The best part about this post is that the Tigers won which allowed me to write about something as trivial as this. Go Tigers and go Mark "the Bird" Ordonez!

Simulated Gambling Week Seven

I just found out over the weekend about a bill passed in congress that will essentially eliminate almost all forms of online gambling. So, if you’re planning on making money off of my picks, you’ll have to a) move to Las Vegas, or b) find yourself a bookie. I managed to claw through another week of college football with a decent 7-5-1 record. Hopefully my picks this week will be better than that. Despite being eight games over .500 for the season, I am disappointed with the results thus far. I expected to be a little better.

Season record to date: 40-32-2

(Home team in CAPS; My pick in Bold)

NAVY -2 Rutgers

If Rutgers is wondering whether it is being taken seriously across the country, this line says the answer is no. Navy isn’t bad. The Midshipmen run a difficult offense to defend. Rutgers comes in to this game with one of the top rushing attacks in college football. The over/under on total combined passing yards in this game should be around 200. But, Rutgers should be too much for Navy to handle.

TEXAS A&M PK Missouri

If Missouri is wondering whether it is being taken seriously cross the country, this line says the answer is no. Missouri is a good team. It proved that by smoking Texas Tech last week. I would be surprised if Mizzou doesn’t win this game.

AUBURN -2.5 Florida

If Florida is wondering whether it is being taken seriously across the country, this line says the answer is no. Florida is almost halfway through the most difficult schedule in college football. It has passed its first two tests against Tennessee and LSU. Auburn looked every bit as good as Florida until last week when the Tigers were pummeled at home by Arkansas. I’ll take Florida to win against the spread and straight up.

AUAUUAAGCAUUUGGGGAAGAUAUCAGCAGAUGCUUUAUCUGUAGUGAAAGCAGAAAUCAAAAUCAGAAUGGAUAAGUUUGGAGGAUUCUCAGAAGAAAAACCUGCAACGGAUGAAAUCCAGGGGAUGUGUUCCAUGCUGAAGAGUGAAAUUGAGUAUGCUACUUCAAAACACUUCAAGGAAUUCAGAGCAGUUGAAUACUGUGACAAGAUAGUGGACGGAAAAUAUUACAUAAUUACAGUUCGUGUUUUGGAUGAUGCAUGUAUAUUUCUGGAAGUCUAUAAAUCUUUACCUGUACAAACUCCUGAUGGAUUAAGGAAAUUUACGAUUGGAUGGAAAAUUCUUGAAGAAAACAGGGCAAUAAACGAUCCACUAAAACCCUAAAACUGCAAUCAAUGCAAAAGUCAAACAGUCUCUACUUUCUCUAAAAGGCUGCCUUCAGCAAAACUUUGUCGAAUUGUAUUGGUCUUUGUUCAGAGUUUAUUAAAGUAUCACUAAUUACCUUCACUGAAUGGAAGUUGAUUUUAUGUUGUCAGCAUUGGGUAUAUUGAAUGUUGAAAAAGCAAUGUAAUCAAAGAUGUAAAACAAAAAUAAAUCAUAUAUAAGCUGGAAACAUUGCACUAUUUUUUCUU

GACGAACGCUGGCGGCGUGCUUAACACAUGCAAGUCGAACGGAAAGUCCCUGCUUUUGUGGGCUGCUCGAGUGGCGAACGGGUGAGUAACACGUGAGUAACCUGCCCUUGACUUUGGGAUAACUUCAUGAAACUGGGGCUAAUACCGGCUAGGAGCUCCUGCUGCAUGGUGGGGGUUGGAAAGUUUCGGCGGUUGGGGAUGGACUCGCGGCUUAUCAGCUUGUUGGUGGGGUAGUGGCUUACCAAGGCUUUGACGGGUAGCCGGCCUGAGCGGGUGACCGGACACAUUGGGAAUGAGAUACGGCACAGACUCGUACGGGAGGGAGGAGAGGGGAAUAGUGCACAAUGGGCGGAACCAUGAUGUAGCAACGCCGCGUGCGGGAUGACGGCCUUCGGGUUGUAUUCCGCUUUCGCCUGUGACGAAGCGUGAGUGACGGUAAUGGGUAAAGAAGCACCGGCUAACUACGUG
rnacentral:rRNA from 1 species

California -7.5 WASHINGTON STATE

If California is wondering whether it is being taken seriously across the country, this line says the answer is no. California should destroy Washington State. I don’t have much else to say about this game.

Boise State -21 NEW MEXICO STATE

I can finally use a different sentence to start one of these summaries. Boise State is undoubtedly a different team on the road but it still managed to crush Utah at Utah last week. By the way, that Utah +4 line should go down as the worst line in college football history. New Mexico State is very bad. I’ll take Boise to trounce on the road.

Maryland -2 VIRGINIA

I knew Virginia was bad this year but I didn’t know that it was ten points worse than East Carolina. Not knowing that cost me a game last week. If Virginia truly is that bad, then Maryland should take this game by at least two points. This isn’t a vote for Maryland rather a vote against Virginia.

CLEMSON -43 Temple

Temple is bad. If Clemson doesn’t show mercy, this line should be good for Clemson even at -50.

WISCONSIN -10.5 Minnesota

Wisconsin is a good team but Minnesota is almost a mirror image of Wisconsin. I can’t see this game being a blow out. With a win, Wisconsin will remain on pace for a surprising New Year’s Day bowl game.